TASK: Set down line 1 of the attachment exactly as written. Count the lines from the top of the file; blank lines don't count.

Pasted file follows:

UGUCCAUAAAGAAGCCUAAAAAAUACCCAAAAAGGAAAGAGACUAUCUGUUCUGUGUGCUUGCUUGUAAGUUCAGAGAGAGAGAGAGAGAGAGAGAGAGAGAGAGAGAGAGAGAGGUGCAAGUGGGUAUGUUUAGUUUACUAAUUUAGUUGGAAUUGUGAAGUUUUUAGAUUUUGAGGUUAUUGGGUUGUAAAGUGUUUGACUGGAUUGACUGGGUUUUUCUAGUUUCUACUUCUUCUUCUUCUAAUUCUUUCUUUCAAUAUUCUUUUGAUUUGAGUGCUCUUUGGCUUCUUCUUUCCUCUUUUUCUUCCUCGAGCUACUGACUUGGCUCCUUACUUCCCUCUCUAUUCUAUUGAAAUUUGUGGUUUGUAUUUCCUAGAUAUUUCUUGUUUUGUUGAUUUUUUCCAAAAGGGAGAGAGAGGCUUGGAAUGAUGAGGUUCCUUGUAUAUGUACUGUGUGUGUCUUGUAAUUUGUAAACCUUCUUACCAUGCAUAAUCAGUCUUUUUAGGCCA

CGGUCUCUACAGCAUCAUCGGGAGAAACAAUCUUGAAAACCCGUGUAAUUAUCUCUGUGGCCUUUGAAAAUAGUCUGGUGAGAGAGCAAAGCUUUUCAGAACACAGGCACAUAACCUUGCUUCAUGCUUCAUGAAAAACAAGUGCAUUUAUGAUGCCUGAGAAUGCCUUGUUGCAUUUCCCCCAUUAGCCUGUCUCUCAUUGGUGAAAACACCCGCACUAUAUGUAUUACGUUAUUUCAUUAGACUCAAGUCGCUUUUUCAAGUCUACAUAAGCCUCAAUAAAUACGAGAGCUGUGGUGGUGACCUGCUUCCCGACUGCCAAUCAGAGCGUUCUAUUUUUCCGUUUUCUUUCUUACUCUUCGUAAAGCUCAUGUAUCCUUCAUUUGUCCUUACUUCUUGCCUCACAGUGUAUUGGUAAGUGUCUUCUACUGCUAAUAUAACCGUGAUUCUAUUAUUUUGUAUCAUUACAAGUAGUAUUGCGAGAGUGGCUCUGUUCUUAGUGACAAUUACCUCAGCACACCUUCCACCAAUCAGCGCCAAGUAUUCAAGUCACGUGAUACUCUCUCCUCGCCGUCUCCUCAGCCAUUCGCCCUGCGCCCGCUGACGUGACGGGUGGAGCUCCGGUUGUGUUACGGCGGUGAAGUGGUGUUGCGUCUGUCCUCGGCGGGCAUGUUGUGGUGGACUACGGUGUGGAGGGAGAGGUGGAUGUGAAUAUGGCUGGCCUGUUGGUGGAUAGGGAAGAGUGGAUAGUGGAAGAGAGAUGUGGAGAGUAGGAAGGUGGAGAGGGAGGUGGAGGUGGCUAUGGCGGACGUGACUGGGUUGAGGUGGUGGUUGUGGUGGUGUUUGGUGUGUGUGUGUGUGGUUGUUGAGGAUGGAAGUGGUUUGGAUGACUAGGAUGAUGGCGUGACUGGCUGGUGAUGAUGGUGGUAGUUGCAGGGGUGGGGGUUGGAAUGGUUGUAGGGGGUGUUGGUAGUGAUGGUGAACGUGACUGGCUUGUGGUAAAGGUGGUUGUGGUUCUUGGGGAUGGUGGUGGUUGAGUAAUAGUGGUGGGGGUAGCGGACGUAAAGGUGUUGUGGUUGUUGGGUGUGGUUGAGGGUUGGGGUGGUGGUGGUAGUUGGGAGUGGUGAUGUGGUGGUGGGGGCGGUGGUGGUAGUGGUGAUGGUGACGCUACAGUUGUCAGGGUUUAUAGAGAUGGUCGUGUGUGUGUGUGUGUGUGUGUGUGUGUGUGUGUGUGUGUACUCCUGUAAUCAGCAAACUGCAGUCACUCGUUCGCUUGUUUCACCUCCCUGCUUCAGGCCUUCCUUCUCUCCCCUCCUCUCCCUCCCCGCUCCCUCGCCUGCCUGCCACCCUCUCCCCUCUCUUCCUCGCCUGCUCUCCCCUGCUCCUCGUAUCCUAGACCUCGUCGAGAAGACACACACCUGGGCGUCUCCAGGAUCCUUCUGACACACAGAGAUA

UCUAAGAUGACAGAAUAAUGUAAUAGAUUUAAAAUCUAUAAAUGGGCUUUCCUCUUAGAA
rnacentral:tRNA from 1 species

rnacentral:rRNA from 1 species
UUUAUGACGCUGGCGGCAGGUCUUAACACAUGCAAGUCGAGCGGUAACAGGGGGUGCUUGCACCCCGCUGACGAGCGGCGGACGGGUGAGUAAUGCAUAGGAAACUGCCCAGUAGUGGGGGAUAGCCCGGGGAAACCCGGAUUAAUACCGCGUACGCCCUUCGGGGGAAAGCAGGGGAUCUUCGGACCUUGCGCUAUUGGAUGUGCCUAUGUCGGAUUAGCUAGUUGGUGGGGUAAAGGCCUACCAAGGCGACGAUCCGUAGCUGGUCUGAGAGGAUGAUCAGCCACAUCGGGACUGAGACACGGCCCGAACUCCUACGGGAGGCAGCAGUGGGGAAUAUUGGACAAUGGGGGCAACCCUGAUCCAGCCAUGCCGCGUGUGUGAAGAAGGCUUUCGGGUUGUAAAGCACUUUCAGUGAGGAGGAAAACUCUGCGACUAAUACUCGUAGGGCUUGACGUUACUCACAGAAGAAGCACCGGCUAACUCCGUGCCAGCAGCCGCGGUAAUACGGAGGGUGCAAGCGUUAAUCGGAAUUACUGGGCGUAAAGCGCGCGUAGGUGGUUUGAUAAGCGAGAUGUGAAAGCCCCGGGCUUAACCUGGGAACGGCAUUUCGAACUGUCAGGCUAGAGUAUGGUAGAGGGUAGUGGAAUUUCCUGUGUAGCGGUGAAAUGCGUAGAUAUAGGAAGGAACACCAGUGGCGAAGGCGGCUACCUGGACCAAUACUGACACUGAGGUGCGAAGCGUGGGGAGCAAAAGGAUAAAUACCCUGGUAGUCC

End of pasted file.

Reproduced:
UGUCCAUAAAGAAGCCUAAAAAAUACCCAAAAAGGAAAGAGACUAUCUGUUCUGUGUGCUUGCUUGUAAGUUCAGAGAGAGAGAGAGAGAGAGAGAGAGAGAGAGAGAGAGAGAGGUGCAAGUGGGUAUGUUUAGUUUACUAAUUUAGUUGGAAUUGUGAAGUUUUUAGAUUUUGAGGUUAUUGGGUUGUAAAGUGUUUGACUGGAUUGACUGGGUUUUUCUAGUUUCUACUUCUUCUUCUUCUAAUUCUUUCUUUCAAUAUUCUUUUGAUUUGAGUGCUCUUUGGCUUCUUCUUUCCUCUUUUUCUUCCUCGAGCUACUGACUUGGCUCCUUACUUCCCUCUCUAUUCUAUUGAAAUUUGUGGUUUGUAUUUCCUAGAUAUUUCUUGUUUUGUUGAUUUUUUCCAAAAGGGAGAGAGAGGCUUGGAAUGAUGAGGUUCCUUGUAUAUGUACUGUGUGUGUCUUGUAAUUUGUAAACCUUCUUACCAUGCAUAAUCAGUCUUUUUAGGCCA